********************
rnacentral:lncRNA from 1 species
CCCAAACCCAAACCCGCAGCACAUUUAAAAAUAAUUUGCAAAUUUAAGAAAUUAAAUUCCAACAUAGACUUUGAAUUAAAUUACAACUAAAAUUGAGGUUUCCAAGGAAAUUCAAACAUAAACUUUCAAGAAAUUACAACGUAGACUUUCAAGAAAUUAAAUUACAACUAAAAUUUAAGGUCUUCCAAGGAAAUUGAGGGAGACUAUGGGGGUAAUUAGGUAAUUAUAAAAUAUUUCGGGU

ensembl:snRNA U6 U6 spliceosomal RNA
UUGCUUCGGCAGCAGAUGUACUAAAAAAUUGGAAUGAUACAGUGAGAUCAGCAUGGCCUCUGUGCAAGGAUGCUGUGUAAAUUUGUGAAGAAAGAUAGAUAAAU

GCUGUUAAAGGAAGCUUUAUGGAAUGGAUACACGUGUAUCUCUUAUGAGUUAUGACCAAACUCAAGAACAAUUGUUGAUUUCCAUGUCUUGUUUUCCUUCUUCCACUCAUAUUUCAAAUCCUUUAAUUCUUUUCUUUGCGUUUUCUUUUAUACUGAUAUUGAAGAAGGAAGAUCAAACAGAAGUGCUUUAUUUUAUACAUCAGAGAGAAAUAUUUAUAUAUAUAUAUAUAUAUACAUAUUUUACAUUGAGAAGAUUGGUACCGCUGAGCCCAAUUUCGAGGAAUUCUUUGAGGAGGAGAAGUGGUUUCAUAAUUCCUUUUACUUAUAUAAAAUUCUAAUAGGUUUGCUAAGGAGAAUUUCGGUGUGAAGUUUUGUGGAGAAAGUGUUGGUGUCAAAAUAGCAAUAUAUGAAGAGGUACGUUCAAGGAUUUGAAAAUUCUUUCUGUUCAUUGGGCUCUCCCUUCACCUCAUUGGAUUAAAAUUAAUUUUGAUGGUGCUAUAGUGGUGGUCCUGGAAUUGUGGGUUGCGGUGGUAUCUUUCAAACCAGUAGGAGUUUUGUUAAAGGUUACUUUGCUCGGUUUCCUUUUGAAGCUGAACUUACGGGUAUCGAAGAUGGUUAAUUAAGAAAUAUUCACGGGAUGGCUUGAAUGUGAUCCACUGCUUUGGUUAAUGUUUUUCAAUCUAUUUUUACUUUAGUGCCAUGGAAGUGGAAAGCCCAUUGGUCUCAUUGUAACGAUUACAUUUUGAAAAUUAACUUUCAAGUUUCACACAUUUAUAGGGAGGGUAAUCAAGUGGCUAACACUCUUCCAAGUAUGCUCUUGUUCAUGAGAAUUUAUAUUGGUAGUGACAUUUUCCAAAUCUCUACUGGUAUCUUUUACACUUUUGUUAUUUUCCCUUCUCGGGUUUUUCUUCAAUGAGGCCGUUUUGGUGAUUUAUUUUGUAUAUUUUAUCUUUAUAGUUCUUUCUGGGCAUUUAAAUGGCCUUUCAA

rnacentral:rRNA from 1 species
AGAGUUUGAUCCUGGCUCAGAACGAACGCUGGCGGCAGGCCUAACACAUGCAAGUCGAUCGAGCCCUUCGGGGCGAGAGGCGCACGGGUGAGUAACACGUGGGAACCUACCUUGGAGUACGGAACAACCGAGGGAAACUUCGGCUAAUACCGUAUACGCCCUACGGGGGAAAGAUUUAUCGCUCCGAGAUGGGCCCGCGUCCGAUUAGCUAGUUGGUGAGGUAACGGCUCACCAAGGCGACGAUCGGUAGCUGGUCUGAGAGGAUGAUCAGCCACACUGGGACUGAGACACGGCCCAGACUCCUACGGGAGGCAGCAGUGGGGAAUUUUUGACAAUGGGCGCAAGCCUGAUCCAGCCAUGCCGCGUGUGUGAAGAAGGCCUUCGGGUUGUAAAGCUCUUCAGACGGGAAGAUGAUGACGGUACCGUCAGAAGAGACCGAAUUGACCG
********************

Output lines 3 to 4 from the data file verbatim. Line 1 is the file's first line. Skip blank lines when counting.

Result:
ensembl:snRNA U6 U6 spliceosomal RNA
UUGCUUCGGCAGCAGAUGUACUAAAAAAUUGGAAUGAUACAGUGAGAUCAGCAUGGCCUCUGUGCAAGGAUGCUGUGUAAAUUUGUGAAGAAAGAUAGAUAAAU